Survitec introduces new turn-key service to support shipowner lay-up requirements

Sep 03 2020


Survitec has introduced a new service aimed at ensuring CO2 low pressure (LP) firefighting systems are correctly deactivated when ships enter lay-up.

The turn-key CO2 LP lay-up service, developed in collaboration with a leading European-based shipowner, was introduced two-months-ago following market demand for a solution capable of simplifying decommissioning and recommissioning procedures. 

Survitec has already seen an upswing in demand for the service following a surge in the number of ships temporarily suspending services and deactivating ships due to the lack of trade.

Claude Sada, Chief Operating Officer, Survitec, said: “Due to the pandemic and the on-going economic uncertainty, we are seeing ro-ro vessels, VLCCs, and large bulk carriers and containerships heading for lay-up, with owners looking to ensure their CO2 systems are deactivated correctly and safely.”

A CO2 LP system, typically used in a vessel’s fixed-fire extinguishing arrangement, can only be decommissioned and recommissioned by a specially trained service provider once the Classification Society has granted approval for the system to be deactivated and the tank emptied.

Survitec has Z17 approvals as service suppliers – from various classification societies allowing the company to service maintain a vessel’s multi-branded fire-extinguishing systems, including CO2 LP systems.

Steven Puis, Survitec Training Manager, Technical Support, said that while cold lay-up procedures are similar to the processes carried out during the periodical service or refilling of the CO2 system, there are subtle differences.

“In addition to stringent ventilation, gas detection and personnel safety requirements, cooling compressors need to be prepared prior to tank emptying. Once the compressors are safe, the tank must be emptied through the liquid filling line instead of the gas/vapor return line to avoid a rapid drop in pressure and the CO2 turning into a solid block of ice.

“When the tank has been emptied of its liquid content and pressure is maintained at about 10 bar, it avoids the need for any hydro and pressure testing, internal tank cleaning and purging when the system is reactivated. There is no risk of damage caused by humidity or water accumulating inside the tank.”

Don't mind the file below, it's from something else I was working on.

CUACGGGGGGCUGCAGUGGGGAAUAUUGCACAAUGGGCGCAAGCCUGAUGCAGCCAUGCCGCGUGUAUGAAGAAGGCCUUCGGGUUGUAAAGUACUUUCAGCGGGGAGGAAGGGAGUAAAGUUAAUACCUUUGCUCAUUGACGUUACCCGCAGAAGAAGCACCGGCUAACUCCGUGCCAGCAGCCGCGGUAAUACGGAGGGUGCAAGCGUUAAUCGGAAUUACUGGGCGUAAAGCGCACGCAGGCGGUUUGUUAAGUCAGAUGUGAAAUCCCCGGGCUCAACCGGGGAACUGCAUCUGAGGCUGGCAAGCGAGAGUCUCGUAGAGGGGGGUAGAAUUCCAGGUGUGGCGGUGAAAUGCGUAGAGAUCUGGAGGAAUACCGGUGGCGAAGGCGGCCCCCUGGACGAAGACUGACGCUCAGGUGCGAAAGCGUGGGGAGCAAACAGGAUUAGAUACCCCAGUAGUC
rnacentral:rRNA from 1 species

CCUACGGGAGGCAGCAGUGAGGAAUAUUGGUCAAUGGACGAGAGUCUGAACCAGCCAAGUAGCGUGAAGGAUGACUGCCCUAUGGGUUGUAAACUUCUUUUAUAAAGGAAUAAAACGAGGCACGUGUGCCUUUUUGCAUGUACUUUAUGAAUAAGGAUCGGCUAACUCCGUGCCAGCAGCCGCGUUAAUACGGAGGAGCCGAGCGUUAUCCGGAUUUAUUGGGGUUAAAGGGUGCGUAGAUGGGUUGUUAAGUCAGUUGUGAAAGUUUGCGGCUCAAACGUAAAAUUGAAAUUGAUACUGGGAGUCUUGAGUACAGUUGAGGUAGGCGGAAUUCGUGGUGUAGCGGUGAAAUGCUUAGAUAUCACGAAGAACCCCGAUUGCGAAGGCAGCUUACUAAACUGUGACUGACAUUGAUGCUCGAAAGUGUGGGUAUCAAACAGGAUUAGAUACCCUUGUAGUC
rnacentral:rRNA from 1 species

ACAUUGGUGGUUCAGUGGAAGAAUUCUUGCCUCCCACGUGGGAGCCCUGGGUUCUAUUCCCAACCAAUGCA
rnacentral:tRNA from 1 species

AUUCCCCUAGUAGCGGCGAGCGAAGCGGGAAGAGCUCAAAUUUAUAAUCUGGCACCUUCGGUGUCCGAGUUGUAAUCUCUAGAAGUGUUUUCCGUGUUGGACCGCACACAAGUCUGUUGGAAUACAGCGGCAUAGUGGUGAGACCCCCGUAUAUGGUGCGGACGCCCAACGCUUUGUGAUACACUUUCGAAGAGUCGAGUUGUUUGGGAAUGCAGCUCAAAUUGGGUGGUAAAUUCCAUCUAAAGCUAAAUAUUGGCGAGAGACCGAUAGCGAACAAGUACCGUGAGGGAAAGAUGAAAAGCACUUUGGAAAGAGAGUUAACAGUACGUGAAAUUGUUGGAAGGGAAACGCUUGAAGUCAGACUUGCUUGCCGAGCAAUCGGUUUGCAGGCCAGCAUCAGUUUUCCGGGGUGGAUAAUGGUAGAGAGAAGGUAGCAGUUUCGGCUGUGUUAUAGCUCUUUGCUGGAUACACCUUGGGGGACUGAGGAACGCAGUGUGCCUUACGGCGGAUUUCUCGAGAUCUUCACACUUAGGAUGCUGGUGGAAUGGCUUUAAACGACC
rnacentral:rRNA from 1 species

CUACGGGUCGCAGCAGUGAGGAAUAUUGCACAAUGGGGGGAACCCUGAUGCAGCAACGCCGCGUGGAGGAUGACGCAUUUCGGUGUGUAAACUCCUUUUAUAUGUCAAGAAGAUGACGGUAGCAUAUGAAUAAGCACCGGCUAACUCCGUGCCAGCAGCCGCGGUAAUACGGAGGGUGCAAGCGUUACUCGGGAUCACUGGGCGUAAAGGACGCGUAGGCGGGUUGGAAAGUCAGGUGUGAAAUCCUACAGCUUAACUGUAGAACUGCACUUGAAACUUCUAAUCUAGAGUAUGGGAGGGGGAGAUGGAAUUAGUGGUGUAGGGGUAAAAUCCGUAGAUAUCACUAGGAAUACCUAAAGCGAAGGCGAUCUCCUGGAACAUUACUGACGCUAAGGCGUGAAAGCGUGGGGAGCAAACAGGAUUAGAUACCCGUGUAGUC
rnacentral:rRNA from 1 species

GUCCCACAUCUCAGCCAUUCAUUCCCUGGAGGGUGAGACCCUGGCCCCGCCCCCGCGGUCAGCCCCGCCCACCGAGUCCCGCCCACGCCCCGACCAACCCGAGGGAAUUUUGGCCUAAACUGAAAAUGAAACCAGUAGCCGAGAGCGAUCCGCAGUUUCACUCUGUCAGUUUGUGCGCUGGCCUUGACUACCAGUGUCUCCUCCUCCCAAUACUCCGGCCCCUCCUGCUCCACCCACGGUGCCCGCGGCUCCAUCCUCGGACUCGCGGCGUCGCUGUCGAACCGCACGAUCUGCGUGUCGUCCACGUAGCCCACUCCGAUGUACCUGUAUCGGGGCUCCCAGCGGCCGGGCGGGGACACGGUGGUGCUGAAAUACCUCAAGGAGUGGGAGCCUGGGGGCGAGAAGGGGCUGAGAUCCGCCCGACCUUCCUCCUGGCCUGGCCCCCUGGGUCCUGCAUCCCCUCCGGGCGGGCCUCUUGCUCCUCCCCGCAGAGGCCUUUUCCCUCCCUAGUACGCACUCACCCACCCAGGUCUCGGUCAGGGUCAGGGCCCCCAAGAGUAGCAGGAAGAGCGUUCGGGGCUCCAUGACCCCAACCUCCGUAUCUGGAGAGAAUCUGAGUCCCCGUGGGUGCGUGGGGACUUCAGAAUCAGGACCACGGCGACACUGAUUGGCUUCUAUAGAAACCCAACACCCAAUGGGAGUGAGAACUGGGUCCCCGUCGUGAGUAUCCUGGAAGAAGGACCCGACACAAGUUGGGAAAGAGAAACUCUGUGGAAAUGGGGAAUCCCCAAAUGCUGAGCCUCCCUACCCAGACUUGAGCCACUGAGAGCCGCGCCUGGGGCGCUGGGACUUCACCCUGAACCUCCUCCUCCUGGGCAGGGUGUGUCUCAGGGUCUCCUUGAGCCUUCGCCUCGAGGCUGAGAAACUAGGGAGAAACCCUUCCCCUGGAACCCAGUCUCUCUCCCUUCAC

Jan-Oskar Lid, Survitec’s Global Technical Sales Manager – Fire, Rescue & Safety, furthered: “The CO2 LP system must be emptied prior to lay-up since the ship’s generators will be shut down and unable to provide any power to shipboard compressors and refrigeration units.

“Based on the Survitec deactivation procedures the tank doesn’t have to be opened, inspected, internally cleaned and purged before refilling and reactivation,” he says.

“The safest and most cost-effective way to carry out this work is to move the vessel by tug to a quayside. However, refilling of the CO2 tank at anchorage is possible with good planning and special arrangements, such as a barge, etc.” he says.

With traditional lay-up spots, such as Scotland and Norway, becoming congested with new destinations emerging, Survitec is providing its customers with a list of locations where service engineers with CO2 LP system capability are available. A minimum of two service engineers can be deployed on a case-by-case basis.

“We have the expertise and experience to offer a global turn-key solution from preparation and deactivation through to recommissioning,” said Lid.

With shipowners unprepared for the rapid and extended economic crisis the on-going pandemic has created, the shortfall in trade volumes is resulting a need to protect revenues and scale back operations. For many, a cold lay-up is the best way of reducing overheads.

Survitec is currently creating CO2 LP cold lay-up and reactivation procedures for ten vessels in a prominent ro-ro and PCTC fleet.

 



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